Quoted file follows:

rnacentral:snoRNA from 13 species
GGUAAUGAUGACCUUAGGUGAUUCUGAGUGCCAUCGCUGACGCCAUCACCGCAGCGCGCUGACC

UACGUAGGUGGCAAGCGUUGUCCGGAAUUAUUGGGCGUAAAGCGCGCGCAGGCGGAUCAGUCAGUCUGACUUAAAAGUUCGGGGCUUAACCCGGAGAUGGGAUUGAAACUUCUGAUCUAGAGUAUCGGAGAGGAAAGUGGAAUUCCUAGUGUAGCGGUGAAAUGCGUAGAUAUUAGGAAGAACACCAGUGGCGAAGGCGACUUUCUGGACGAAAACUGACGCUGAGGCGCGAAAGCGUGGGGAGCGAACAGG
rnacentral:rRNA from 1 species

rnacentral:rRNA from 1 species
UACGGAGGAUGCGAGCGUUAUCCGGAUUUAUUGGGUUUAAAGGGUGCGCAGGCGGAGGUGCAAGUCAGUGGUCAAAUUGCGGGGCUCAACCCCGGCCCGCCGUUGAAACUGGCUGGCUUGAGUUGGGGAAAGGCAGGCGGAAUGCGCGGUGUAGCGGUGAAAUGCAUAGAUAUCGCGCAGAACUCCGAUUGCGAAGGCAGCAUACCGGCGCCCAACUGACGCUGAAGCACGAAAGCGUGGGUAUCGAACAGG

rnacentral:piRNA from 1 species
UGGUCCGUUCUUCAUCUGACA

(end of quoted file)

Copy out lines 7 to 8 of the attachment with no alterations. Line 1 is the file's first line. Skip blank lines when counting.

rnacentral:piRNA from 1 species
UGGUCCGUUCUUCAUCUGACA